);
      if l_return != 0 then
        do_close;
        return false;
      end if;

		exception when others then
			do_close;
			raise;
		end;

    dbms_ldap.use_exception := true;
	do_close;
	if l_return is null then
		handle_error('simple_bind_s did not return a value.');
		return false;
	end if;

	if l_return = 0 then
		return true;
	end if;

	exception when others then
		do_close;
		raise;
		return false;
end ldap_authenticate;
/
show errors

A simple test script. If using SQL Developer, make sure you enable output on the DBMS_OUTPUT tab.

set serveroutput on
declare
	l_return boolean;
begin
	l_return := ldap_authenticate(
					p_username	=> 'first.last',
					p_password	=> '');

	if l_return = true then
		dbms_output.put_line('Authenticated');
	else
		dbms_output.put_line('Fail!');
	end;
end;
/

Posted in Application Express, Oracle, PLSQL, Security | Tagged: , , , | 77 Comments »

jQuery Selectors Will Change Your Life

Posted by Tyler Muth on December 17, 2008

OK, maybe not your life but it will absolutely change the way you code JavaScript. If you haven’t used jQuery yet, here’s the description from the jQuery site:

jQuery is a fast and concise JavaScript Library that simplifies HTML document traversing, event handling, animating, and Ajax interactions for rapid web development. jQuery is designed to change the way that you write JavaScript.

jQuery is technology agnostic, so you can use it in APEX, J2EE, PHP, .Net, Rails, etc. I’ve been using it with APEX for the last few months and there’s a pretty good chance it will actually be included in the 4.0 release of APEX.

Why are selectors so great? Because they completely change the way you work with JavaScript. Traditionally, people add JavaScript such as onClick() events in the code that renders a page. This is easy for hand-coded HTML or other bare-bones technologies such as PHP (when not using a framework). But in the case of frameworks such as APEX, you actually don’t have access to all of the code that rendered the page. Using selectors, you can get very granular access to any element on the page after it is rendered. For example, the following code changes the style of EVERY link on your page:

$(document).ready(function() {
  $("a").css('text-decoration','none');
});

Or maybe you want to add an onClick event to every div that has a class named “clickme”:

$(document).ready(function() {
    $("div[class=clickme]").click(function() {
       alert('Yep, you clicked me');
    });
});

The following code turns any div on the page red when you hover over it, then white when you move your mouse out of it.

$(document).ready(function() {
    $("div").hover(function() {
       $(this).css('background-color','#ff0000');
    },
        function() {
       $(this).css('background-color','#ffffff');
    });
});

Getting a little more APEX specific, here’s a bit of code that prints all values from the “SAL” column out to the Firebug Console (you must have Firebug installed):

// find all TD's with a class of t20data and headers=SAL.  For each of those, run some function.  console.log is Firebug specific.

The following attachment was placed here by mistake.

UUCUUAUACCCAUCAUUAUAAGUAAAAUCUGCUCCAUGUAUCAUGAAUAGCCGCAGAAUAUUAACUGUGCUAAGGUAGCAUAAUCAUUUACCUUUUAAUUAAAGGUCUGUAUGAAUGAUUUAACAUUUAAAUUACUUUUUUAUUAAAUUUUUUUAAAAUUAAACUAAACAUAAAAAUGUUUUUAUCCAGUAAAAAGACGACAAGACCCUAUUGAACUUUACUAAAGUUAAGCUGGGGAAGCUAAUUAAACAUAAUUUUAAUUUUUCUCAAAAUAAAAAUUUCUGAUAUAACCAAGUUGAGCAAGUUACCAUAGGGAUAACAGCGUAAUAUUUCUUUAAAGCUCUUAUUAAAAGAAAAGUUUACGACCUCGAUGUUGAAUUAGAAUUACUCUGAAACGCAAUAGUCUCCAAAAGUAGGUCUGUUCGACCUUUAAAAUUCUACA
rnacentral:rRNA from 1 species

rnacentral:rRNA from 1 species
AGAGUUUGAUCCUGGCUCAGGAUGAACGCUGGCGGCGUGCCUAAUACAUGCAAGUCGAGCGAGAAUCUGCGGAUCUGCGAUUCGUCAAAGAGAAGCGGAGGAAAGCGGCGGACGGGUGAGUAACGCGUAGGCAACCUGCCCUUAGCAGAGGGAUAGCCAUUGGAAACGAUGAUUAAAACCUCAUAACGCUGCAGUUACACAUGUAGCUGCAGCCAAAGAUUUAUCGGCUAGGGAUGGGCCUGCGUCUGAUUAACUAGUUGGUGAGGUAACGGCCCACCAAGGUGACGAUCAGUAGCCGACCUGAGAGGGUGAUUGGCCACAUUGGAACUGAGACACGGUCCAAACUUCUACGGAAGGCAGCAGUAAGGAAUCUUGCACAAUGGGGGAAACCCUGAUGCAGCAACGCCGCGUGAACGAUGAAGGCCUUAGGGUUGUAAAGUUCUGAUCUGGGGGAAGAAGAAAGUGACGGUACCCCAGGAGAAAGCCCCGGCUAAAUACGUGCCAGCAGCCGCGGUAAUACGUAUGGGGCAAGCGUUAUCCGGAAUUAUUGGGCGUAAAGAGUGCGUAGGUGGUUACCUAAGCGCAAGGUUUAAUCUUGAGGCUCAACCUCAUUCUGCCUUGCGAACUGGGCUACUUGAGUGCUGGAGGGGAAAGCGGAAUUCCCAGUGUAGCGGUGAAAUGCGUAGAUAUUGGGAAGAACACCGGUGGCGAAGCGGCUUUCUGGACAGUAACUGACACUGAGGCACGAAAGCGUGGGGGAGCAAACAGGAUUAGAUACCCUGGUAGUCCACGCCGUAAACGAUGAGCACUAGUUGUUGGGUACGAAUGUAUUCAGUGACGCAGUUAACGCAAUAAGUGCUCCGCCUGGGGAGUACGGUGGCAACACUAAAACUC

$("td[class=t20data][headers=SAL]").each(function(){
  console.log($(this).html());
});

Building on the previous example again, lets change the color of the data in a column based on its value:

// find all TD's with a class of t20data and headers=SAL.  For each of those, run some function.  console.log is Firebug specific.
$("td[class=t20data][headers=SAL]").each(function(){
  sal = parseFloat($(this).html());
  if (sal<1000){
     theColor='green';}
  else if (sal >= 1000 && sal < 2500){
     theColor='yellow';
  }
  else{
       theColor='red';}
   $(this).css('color',theColor);
});&#91;/sourcecode&#93;

Lets continue to build on this example by changing the color of every cell in a row based on the value of the SAL column.  Notice that we walk up the DOM to the TR, then down the DOM to every TD in the row.

&#91;sourcecode language='javascript'&#93;
$("td&#91;class=t20data&#93;&#91;headers=SAL&#93;").each(function(){
 sal = parseFloat($(this).html());
 if (sal<1000){
 theColor='green';}
 else if (sal >= 1000 && sal < 2500){
 theColor='yellow';
 }
 else{
 theColor='red';}
 //$(this)  is currently the TD of the sal column.
 // Walk up to its parent TR, then down to all child TDs.  This effectively loops over every TD in a row
 $(this).parent('tr').children('td').each(function(){
 // $(this) is now the curent TD that is a child of the TR
 $(this).css('color',theColor);
 });
});&#91;/sourcecode&#93;

My final example if from a question on the APEX Forum (<a href="http://forums.oracle.com/forums/message.jspa?messageID=3178134" target="_blank">here's the thread</a>) where someone wanted to replace all instances of the APEX Datepicker item with the jQuery UI Datepicker (I posted about this control <a href="https://tylermuth.wordpress.com/2008/07/16/jquery-datepicker-and-apex/" target="_blank">here</a>).  In APEX 3.1 or greater (not 100% which versions) all datepickers are wrapped in '&lt;fieldset class="datepicker"...'.  This code looks for any of those items on page load and replaces them.

$(document).ready(function(){ 
    $('fieldset[class=datepicker]').find('img').css('display','none');

    $('fieldset[class=datepicker]').find('input[type=text]').datepicker({ 
             showOn: "both", 
             buttonImage: "http://ui.jquery.com/repository/demos_templates/images/calendar.gif",